By Bamidele Johnson
There is a big chance that I do not know what I am talking about here and it happens fairly often. I am not ashamed to say I talk a lot of BS. But I think that even when plied with a potent liquor cocktail, there is no chance of me saying that Funke Akindele has anything resembling political capital. As yet, at least.
My assessment of the actress, celebrity and serial brand ambassador rests on my view of her as having not had any sort of presence on the political circuit before now, let alone some virile structure behind her. She might have had some involvement here and there prior to now, but such is not known to me and, I presume, many others. As such, when the streets started tipping her as running mate to the Lagos State Peoples Democratic Party (PDP) governorship candidate, I put the rumour in the same category as football transfer tittle-tattle.
Well, it was not. She was, a few days ago, announced as running mate to the candidate and, in addition, to instant and vicious derision. A few weeks before she appeared in the gunsights of critics, her professional colleague, Tonto Dikeh, had been the sitting duck. Like Akindele, Dikeh’s political footprints were, if they existed, not prominent, at least not as much as the X-Rated details of her romantic liaisons, which supplied critics a cache of ammo to fire at her.
What Dikeh got was not on the same scale with what is currently going Akindele’s way, without any hint of a let-up. This, I think, is because she is a point or two behind Akindele on the celebrity chart and that she is on a platform which, at best, is no higher than a footstool. Akindele is on the ticket of the main opposition party and victory for the ticket will put her a heartbeat away from the governorship of a state that is, economically, one of the jewels in the country’s crown.
It is a safe bet that Dikeh is relieved that Akindele has deflected bullets from her and that both women would have compared notes. Akindele’s almost oven-fresh marital collapse, complete with tit-for-tat allegations of sexual infidelity by both parties in the marriage, is sending furnace-level heat in her direction. Funke, at this time, is not feeling funky and, most probably, in a funk.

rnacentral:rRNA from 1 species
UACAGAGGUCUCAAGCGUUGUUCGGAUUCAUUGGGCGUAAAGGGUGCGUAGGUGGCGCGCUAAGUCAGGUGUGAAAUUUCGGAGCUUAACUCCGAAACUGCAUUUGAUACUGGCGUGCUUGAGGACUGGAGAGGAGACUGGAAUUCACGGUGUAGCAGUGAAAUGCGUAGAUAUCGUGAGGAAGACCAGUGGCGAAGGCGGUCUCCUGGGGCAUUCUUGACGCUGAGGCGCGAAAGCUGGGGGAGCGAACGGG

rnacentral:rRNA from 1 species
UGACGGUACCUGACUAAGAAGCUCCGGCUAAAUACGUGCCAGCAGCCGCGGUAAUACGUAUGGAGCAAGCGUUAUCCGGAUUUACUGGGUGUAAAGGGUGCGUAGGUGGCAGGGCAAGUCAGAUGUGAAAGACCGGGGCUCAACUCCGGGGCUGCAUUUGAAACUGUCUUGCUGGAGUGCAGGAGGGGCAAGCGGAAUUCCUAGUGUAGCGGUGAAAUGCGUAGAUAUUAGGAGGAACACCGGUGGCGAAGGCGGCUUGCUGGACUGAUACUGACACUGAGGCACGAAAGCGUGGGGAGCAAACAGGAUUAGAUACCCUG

Both women provide vivid hints of how the public perceives entertainment (and sports) celebrities, who stray into politics. Musicians and actors, despite being more likeable-on the surface-than traditional politicians, have a hard time persuading the public they qualify to be in politics. Women find it much harder and I think it is not difficult to know why. Entertainers have been and are still in politics, with some of them recording successes as legislators. The public, however, is unconvinced that they qualify to be anywhere near executive positions for reasons that are logically obscure, I have to say.
Many entertainers in politics and outside of it have the same or higher level of education than their mockers, who seem to think that full-time and freelance chancers with money and minimum educational qualifications are more qualified. Many entertainers have also seen more of the world than, say, successful plank sellers with the crudest of minds. In addition, they have skills required in their fields and outside of such (including building/managing successful business enterprise) as well as grit.
There is a general belief that something as serious as politics is beyond the ken of entertainers, who are misguidedly advised to stick to what they know best. I would think that success in any field, be it law, medicine, engineering, literary/visual arts, administration et al, should recommend anyone for political office-if they have got the stomach for it.
But that does not seem enough for those in entertainment. Women in entertainment, as stated earlier, are bigger victims by a country mile. They are, almost by default, perceived as lacking in moral worth, cultural capital and viewed as excessively corporeal. Their celebrity status tends to be seen as a product of luck or sexually transmitted rather than through know-how and hard graft. I suspect that even with her doctorate degree, Helen Paul, the popular comedienne, will get a generous dose of snideness if she wanders into the political arena. Ali Baba and Gbenga Adeyinka the 1st will be dismissed as cartoon characters despite their educational qualifications and success as professionals. But the dismissal will be on a considerably lower scale because of their gender. The dim view of entertainment celebrity involvement in politics, I think, is the product of the ways values are assigned from field to field. If entertainment was dispensable, I do not think those in the field would have people paying to watch them perform, while oohing and aahing.
I will not dismiss the possibility of entertainment and sports celebrities being unaware that celebrity capital is not easily exchangeable for political capital, a state of affairs that provokes derision when they declare political bids. But that is not exclusive to people in their trade and makes the prevalent assumption that entertainment celebrities are uneducated about politics and society unfair, as many are passionate about the subject and want to see the right changes made.
We sure need to be cured of this ailment. Urgently.